Figure 1: Initial Diffusion-weighted imaging (DWI) MRI of the brain displaying acute ischemia in the left frontal and parietal lobes with no mass effect.
Figure 2: Final DWI MRI of the brain, displaying acute ischemia of the entire left cerebral hemisphere with left to right midline shift.
Understanding of the May-Hegglin anomaly continues to evolve, but it may not be as predictable as other causes of thrombocytopenia. While bleeding events can occur as with thrombocytopenias of any cause, our case supports the fact that arterial thrombotic events, while rare, can occur in MHA as well. Only one other documented case of acute ischemic stroke in MHA has been reported of a 78-year-old female in Japan whose platelet count was 10,000/microL .
Other case reports have described coronary artery thromboses in patients with platelet counts less than 50,000 cells/microL [3, 4]. McDunn et al. discovered a normal platelet mass in their patient with MHA who experienced reocclusion of the coronary arteries after angioplasty . In a case of acute myocardial infarction described by Goto et al., platelet aggregation and binding to von Willebrand factor (vWF) occurred even when the patient’s platelets were less than 10,000 cells/microL . These studies suggest that platelet enlargement occurs as a compensatory response to the degree of thrombocytopenia, and in fact, arterial thrombosis may be directly related to the degree of macrothrombocytopenia [3,4]. The longstanding belief that antiplatelet agents are contraindicated in cases of thrombocytopenia may not be as applicable in patients with the May-Hegglin anomaly. In fact, Fayyad et al. addressed this issue in the case of an obstetrical patient with MHA who experienced a fetal loss at 38 weeks during a second pregnancy. On pathological examination, areas of infarction were found throughout the placenta, which likely caused the death of the fetus. During the patient’s third pregnancy, her obstetrical team discussed a trial of aspirin to prevent arterial thrombosis, even though it had not been done before. The patient was counseled on the risks of the antiplatelet agent but agreed to the therapy and delivered a healthy child with no postpartum complications .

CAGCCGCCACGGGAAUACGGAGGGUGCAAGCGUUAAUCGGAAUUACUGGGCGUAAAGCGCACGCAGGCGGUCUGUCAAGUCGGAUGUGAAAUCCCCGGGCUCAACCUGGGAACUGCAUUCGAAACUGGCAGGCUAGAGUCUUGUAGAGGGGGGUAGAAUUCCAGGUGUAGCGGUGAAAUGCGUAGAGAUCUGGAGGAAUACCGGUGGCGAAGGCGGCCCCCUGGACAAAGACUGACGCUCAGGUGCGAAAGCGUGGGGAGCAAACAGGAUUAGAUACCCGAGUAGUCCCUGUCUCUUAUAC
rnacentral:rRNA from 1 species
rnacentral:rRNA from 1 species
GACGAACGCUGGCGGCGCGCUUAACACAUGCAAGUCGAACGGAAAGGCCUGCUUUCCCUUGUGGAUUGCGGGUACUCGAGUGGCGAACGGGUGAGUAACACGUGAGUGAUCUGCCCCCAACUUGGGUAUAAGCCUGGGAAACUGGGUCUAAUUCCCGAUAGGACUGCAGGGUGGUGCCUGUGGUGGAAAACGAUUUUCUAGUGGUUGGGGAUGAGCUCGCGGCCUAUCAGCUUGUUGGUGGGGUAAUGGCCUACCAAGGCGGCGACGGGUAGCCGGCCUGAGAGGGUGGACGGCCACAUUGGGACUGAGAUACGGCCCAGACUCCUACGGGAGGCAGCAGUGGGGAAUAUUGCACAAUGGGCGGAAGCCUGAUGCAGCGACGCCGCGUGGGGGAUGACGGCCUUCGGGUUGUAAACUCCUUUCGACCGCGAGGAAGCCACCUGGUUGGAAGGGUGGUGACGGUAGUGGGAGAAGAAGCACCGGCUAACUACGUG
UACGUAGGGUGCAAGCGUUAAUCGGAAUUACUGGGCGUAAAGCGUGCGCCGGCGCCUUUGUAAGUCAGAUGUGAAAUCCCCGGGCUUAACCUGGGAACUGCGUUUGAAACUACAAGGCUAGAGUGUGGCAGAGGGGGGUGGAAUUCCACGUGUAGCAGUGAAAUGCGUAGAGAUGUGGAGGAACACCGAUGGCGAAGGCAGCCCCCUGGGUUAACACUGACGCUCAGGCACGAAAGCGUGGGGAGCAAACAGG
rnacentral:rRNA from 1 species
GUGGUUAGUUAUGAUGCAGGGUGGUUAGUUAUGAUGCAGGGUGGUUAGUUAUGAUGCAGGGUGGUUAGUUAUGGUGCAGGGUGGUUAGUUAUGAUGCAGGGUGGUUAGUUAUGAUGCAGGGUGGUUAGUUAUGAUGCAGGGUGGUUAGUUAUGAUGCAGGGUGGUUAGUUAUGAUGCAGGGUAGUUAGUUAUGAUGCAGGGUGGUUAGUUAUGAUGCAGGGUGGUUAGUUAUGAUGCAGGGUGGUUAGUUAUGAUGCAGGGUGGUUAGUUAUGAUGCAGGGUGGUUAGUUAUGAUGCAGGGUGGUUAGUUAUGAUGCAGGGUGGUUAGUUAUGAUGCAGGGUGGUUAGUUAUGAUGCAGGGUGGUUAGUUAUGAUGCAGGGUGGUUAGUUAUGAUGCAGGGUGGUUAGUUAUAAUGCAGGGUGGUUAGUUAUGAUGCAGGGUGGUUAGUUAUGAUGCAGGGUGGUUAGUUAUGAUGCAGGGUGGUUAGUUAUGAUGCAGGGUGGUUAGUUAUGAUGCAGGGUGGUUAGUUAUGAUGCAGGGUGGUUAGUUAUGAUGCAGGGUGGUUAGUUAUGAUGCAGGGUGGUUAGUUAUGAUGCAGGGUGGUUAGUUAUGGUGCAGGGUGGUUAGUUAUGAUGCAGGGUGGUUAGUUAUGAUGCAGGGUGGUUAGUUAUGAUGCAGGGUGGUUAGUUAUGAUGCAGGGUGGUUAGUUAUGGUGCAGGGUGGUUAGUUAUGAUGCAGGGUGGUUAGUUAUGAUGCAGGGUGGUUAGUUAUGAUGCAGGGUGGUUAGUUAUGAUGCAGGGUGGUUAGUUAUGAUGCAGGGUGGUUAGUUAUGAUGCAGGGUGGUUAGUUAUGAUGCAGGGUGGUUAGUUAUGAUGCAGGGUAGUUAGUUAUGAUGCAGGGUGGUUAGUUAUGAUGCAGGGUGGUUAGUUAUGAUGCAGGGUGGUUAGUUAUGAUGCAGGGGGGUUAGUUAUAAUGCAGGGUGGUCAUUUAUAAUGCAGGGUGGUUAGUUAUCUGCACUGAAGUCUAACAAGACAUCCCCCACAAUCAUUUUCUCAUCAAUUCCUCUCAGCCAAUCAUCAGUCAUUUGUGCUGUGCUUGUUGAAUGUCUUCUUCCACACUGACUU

Knowledge of bleeding and clotting risk is limited in patients with the May-Hegglin anomaly. Our case indicates that further research is needed. However, patients with MHA can have normal platelet aggregation and platelet mass despite the low number of platelets. Given the clinical circumstances, physicians may consider utilizing antiplatelet therapy in selected patients with the May-Hegglin anomaly to treat and even prevent instances of arterial ischemia.
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Citation: Zuberi AZ, Ahmed BN, Iqbal S and Page S. May-Hegglin Anomaly and the Devastating Consequences of Acute Cerebral Hemispheric Infarction. Ann Hematol Oncol. 2016; 3(1): 1070. ISSN : 2375-7965